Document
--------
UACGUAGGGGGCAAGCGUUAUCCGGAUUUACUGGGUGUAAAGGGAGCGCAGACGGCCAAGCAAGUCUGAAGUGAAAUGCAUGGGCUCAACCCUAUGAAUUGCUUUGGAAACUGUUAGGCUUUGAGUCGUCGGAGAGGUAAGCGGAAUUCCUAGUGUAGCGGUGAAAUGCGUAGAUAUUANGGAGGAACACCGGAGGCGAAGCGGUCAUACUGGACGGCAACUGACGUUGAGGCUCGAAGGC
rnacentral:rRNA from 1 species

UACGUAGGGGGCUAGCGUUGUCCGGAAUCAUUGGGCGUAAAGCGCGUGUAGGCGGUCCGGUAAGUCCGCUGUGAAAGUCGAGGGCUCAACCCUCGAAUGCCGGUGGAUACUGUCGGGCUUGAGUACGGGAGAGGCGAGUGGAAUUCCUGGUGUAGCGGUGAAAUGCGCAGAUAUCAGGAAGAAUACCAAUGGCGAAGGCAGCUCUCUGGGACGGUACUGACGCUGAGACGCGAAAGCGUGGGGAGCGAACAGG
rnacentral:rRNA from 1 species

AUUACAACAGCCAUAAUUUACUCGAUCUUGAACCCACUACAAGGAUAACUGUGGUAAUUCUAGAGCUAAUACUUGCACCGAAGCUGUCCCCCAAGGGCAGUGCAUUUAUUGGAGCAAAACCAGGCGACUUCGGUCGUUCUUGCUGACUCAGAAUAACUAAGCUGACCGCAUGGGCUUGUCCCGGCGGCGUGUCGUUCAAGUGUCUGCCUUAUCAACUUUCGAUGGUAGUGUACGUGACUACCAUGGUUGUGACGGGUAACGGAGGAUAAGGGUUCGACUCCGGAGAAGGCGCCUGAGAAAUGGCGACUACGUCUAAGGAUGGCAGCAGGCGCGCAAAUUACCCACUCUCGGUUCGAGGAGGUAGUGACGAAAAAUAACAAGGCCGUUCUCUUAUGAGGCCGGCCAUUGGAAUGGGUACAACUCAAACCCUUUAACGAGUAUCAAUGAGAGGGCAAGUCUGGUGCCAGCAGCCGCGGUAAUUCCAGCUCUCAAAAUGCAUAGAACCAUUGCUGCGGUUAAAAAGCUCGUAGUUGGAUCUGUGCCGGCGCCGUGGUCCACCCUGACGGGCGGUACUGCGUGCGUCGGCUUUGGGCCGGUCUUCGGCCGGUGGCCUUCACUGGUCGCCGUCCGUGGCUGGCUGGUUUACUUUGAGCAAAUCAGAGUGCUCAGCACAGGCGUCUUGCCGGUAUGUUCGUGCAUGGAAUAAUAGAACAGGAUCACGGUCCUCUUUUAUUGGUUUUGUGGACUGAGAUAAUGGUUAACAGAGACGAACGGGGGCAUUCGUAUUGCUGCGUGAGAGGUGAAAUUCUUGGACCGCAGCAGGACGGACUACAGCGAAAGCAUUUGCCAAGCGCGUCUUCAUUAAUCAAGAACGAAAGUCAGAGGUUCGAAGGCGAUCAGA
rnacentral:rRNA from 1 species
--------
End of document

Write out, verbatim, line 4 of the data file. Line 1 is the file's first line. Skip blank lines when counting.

rnacentral:rRNA from 1 species